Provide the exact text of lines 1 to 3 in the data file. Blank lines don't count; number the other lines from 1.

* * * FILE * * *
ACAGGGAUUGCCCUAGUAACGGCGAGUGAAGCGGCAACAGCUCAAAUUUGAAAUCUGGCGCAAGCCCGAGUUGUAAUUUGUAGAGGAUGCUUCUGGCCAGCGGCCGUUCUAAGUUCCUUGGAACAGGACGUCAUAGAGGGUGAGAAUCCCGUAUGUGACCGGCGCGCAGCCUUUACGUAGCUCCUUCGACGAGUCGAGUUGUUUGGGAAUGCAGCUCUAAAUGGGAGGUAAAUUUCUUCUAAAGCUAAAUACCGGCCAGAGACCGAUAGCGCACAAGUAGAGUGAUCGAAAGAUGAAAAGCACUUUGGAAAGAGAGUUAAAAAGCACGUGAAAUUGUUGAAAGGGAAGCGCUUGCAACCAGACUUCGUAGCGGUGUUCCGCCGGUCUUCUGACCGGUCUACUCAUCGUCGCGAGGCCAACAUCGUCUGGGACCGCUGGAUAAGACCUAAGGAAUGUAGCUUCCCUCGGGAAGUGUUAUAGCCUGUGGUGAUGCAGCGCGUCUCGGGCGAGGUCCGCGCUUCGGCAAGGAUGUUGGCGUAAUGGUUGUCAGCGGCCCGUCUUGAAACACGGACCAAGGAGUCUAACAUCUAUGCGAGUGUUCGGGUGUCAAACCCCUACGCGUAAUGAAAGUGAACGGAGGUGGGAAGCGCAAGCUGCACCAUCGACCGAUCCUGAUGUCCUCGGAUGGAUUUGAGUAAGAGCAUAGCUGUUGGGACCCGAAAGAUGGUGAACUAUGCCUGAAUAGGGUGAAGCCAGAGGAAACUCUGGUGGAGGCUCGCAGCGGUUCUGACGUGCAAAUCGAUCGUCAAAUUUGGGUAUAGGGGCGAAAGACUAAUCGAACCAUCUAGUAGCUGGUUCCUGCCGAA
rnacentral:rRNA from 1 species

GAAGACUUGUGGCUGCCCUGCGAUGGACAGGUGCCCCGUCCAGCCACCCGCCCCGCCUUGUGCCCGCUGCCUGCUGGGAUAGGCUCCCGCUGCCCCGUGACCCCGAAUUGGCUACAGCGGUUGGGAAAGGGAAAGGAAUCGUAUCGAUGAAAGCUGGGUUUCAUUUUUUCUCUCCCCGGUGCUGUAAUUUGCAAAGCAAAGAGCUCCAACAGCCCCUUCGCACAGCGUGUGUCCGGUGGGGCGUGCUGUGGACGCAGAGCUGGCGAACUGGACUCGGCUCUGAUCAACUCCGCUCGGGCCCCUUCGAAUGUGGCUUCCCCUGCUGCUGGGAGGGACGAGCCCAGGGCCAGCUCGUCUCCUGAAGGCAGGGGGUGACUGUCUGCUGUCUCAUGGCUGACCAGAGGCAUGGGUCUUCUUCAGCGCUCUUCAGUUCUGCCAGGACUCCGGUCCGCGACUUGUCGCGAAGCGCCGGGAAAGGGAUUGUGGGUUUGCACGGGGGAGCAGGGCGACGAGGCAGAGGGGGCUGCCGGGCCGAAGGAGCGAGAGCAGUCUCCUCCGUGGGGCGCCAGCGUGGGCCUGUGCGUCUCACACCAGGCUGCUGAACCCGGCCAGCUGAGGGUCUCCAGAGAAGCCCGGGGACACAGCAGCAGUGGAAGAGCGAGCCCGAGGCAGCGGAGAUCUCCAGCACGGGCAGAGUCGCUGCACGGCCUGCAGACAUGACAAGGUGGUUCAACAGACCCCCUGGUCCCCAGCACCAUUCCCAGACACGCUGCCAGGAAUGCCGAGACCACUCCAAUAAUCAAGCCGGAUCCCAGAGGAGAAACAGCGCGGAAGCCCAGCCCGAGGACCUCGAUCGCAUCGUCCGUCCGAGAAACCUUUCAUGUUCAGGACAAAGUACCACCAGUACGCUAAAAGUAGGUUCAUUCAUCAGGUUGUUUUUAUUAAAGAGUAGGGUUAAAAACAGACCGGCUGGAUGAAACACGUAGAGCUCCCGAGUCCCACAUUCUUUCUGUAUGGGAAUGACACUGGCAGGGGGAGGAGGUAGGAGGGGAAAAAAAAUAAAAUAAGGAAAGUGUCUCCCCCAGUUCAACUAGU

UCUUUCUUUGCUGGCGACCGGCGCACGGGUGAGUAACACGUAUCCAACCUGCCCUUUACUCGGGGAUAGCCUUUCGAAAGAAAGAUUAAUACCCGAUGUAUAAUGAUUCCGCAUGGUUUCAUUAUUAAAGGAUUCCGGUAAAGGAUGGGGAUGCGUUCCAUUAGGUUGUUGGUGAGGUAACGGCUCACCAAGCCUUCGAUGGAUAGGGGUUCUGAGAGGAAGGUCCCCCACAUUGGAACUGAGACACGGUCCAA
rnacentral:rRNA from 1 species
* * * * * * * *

ACAGGGAUUGCCCUAGUAACGGCGAGUGAAGCGGCAACAGCUCAAAUUUGAAAUCUGGCGCAAGCCCGAGUUGUAAUUUGUAGAGGAUGCUUCUGGCCAGCGGCCGUUCUAAGUUCCUUGGAACAGGACGUCAUAGAGGGUGAGAAUCCCGUAUGUGACCGGCGCGCAGCCUUUACGUAGCUCCUUCGACGAGUCGAGUUGUUUGGGAAUGCAGCUCUAAAUGGGAGGUAAAUUUCUUCUAAAGCUAAAUACCGGCCAGAGACCGAUAGCGCACAAGUAGAGUGAUCGAAAGAUGAAAAGCACUUUGGAAAGAGAGUUAAAAAGCACGUGAAAUUGUUGAAAGGGAAGCGCUUGCAACCAGACUUCGUAGCGGUGUUCCGCCGGUCUUCUGACCGGUCUACUCAUCGUCGCGAGGCCAACAUCGUCUGGGACCGCUGGAUAAGACCUAAGGAAUGUAGCUUCCCUCGGGAAGUGUUAUAGCCUGUGGUGAUGCAGCGCGUCUCGGGCGAGGUCCGCGCUUCGGCAAGGAUGUUGGCGUAAUGGUUGUCAGCGGCCCGUCUUGAAACACGGACCAAGGAGUCUAACAUCUAUGCGAGUGUUCGGGUGUCAAACCCCUACGCGUAAUGAAAGUGAACGGAGGUGGGAAGCGCAAGCUGCACCAUCGACCGAUCCUGAUGUCCUCGGAUGGAUUUGAGUAAGAGCAUAGCUGUUGGGACCCGAAAGAUGGUGAACUAUGCCUGAAUAGGGUGAAGCCAGAGGAAACUCUGGUGGAGGCUCGCAGCGGUUCUGACGUGCAAAUCGAUCGUCAAAUUUGGGUAUAGGGGCGAAAGACUAAUCGAACCAUCUAGUAGCUGGUUCCUGCCGAA
rnacentral:rRNA from 1 species

GAAGACUUGUGGCUGCCCUGCGAUGGACAGGUGCCCCGUCCAGCCACCCGCCCCGCCUUGUGCCCGCUGCCUGCUGGGAUAGGCUCCCGCUGCCCCGUGACCCCGAAUUGGCUACAGCGGUUGGGAAAGGGAAAGGAAUCGUAUCGAUGAAAGCUGGGUUUCAUUUUUUCUCUCCCCGGUGCUGUAAUUUGCAAAGCAAAGAGCUCCAACAGCCCCUUCGCACAGCGUGUGUCCGGUGGGGCGUGCUGUGGACGCAGAGCUGGCGAACUGGACUCGGCUCUGAUCAACUCCGCUCGGGCCCCUUCGAAUGUGGCUUCCCCUGCUGCUGGGAGGGACGAGCCCAGGGCCAGCUCGUCUCCUGAAGGCAGGGGGUGACUGUCUGCUGUCUCAUGGCUGACCAGAGGCAUGGGUCUUCUUCAGCGCUCUUCAGUUCUGCCAGGACUCCGGUCCGCGACUUGUCGCGAAGCGCCGGGAAAGGGAUUGUGGGUUUGCACGGGGGAGCAGGGCGACGAGGCAGAGGGGGCUGCCGGGCCGAAGGAGCGAGAGCAGUCUCCUCCGUGGGGCGCCAGCGUGGGCCUGUGCGUCUCACACCAGGCUGCUGAACCCGGCCAGCUGAGGGUCUCCAGAGAAGCCCGGGGACACAGCAGCAGUGGAAGAGCGAGCCCGAGGCAGCGGAGAUCUCCAGCACGGGCAGAGUCGCUGCACGGCCUGCAGACAUGACAAGGUGGUUCAACAGACCCCCUGGUCCCCAGCACCAUUCCCAGACACGCUGCCAGGAAUGCCGAGACCACUCCAAUAAUCAAGCCGGAUCCCAGAGGAGAAACAGCGCGGAAGCCCAGCCCGAGGACCUCGAUCGCAUCGUCCGUCCGAGAAACCUUUCAUGUUCAGGACAAAGUACCACCAGUACGCUAAAAGUAGGUUCAUUCAUCAGGUUGUUUUUAUUAAAGAGUAGGGUUAAAAACAGACCGGCUGGAUGAAACACGUAGAGCUCCCGAGUCCCACAUUCUUUCUGUAUGGGAAUGACACUGGCAGGGGGAGGAGGUAGGAGGGGAAAAAAAAUAAAAUAAGGAAAGUGUCUCCCCCAGUUCAACUAGU